POL. Nor the yntrussers ? Avt. Neither. Pol.

Y’are vndone then.
Avr. With whom? Pol. The world. Avt. The

baud! Pol. It wil be taken
To be stupidity, or tamenesse in you.
[352] Avt. But, they that haue inceni'd me, can in

Acquit me of that guilt. They know, I dare
To spurne, or baffull 'hem; or squirt their eyes
With inke, or vrine: or I could doe worse,
Arm'd with ARCHILOCHVS fury, write Iambicks,
Should make the desperate lashers hang themselues.
Rime 'hem to death, as they doe Iris rats
In drumming tunes. Or, liuing, I could stampe
Their foreheads with those deepe, and publike brands
That the whole company of Barber-Surgeons




136 well; that 1716, W, G

well: that N

Should not take off, with all their art, and playsters.
And there my prints should last, still to be read

In their pale fronts: when, what they write 'gainst me,
Shall like a figure, drawne in water, fleete,
And the poore wretched papers be employed
To cloth tabacco, or fome cheaper drug.
This I could doe, and make them infamous.

160 But, to what end? when their owne deedes haue mark'd

And, that I know, within his guilty brest
Each flanderer beares a whip, that shall torment him,
Worse, then a million of these temporall plagues :
Which to pursue, were but a feminine humour,

165 And, farre beneath the dignitie of a man.

NAS. 'Tis true: for to reuenge their iniuries,
Were to confesse you felt 'hem. Let 'hem goe,
And vse the treasure of the foole, their tongues,
Who makes his gayne, by speaking worst, of best. 170

Pol. O, but they lay particular imputations-
Avr. As what? Po. That all your writing, is

meere rayling
Avt. Ha! If all the salt in the old comædy
Should be so censur'd, or the sharper wit
Of the bold fatyre, termed scolding rage,

What age could then compare with those, for buffons ?
VVhat should be fayd of ARISTOPHANES?
PERSIVS? or IUVENAL? whose names we now
So glorifie in schooles, at least pretend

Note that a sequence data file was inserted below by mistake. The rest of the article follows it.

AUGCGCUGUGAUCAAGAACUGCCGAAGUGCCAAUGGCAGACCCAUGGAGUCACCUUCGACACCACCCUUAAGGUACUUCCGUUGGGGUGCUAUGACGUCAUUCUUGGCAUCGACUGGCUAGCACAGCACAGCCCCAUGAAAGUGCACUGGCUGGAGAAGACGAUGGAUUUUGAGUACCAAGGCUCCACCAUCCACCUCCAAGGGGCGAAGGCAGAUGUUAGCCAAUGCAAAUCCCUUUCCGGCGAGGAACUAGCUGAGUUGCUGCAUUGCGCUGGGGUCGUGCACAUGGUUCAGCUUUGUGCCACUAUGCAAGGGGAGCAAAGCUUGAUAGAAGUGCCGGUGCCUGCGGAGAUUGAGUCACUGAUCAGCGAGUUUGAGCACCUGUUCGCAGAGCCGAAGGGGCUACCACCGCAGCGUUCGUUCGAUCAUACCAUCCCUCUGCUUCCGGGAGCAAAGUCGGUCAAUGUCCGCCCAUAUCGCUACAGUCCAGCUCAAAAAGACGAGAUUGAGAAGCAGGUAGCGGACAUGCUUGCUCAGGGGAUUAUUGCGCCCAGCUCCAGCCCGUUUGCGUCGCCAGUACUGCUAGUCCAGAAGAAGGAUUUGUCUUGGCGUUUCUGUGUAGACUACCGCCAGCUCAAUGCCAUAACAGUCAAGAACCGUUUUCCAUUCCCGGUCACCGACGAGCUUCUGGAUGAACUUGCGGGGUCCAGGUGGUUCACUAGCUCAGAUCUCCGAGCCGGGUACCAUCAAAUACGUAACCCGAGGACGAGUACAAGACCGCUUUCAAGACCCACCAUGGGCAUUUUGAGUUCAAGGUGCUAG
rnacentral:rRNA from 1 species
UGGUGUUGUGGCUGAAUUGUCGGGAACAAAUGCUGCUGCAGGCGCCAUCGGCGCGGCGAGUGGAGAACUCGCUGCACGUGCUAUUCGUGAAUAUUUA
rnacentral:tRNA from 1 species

Ha' they no other? Pol. Yes: they say you are slow, 180
And scarse bring forth a play a yeere. Avt. 'Tis true.
I would, they could not say that I did that,
There's all the ioy that I take i'their trade,
Vnlesse such Scribes as they might be proscrib'd
Th’abused theaters. They would thinke it strange, now, 185
A man should take but colts-foote, for one day,

175 Satyr 1692, 1716

Satire W+

166 a) om. 1640+ 185 abused] absurd N

And, betweene whiles, spit out a better poeme
Then e're the master of art, or giuer of wit,
Their belly made. Yet, this is possible,
(353] If a free minde had but the patience,

To thinke so much, together, and so vile.
But, that these base, and beggerly conceipts
Should carry it, by the multitude of voices,
Against the most abstracted worke, oppos'd
To the stuff'd nostrills of the drunken rout!

195 O, this would make a learn'd, and liberall soule, To riue his stayned quill, vp to the back, And damne his long-watch'd labours to the fire; Things, that were borne, when none but the still night, And his dumbe candle saw his pinching throes :

200 Were not his owne free merit a more crowne Vnto his trauailes, then their reeling claps. This ’tis, that strikes me silent, seales my lips, And apts me, rather to sleepe out my time, Then I would waste it in contemned strifes,

205 With these vile Ibides, thefe vncleane birds, That make their mouthes their clyfters, and still purge From their hot entrailes. But, I leaue the monsters To their owne fate. And, since the Comick Mvse Hath prou'd fo ominous to me, I will trie

210 If Tragedie haue a more kind aspect. Her fauours in my next I will pursue, Where, if I proue the pleasure but of one, So he iudicious be; He shall b'alone A Theatre vnto me: Once, I'le say,

215 To strike the eare of time, in those fresh straines,

As shall, beside the cunning of their ground, Giue cause to fome of wonder, fome despight,

And vnto more, despaire, to imitate their sound. I, that spend halfe my nights, and all my dayes,

Here in a cell, to get a darke, pale face,


219 vnto] om.


220 half my

202 Travels 1692, 1716 days W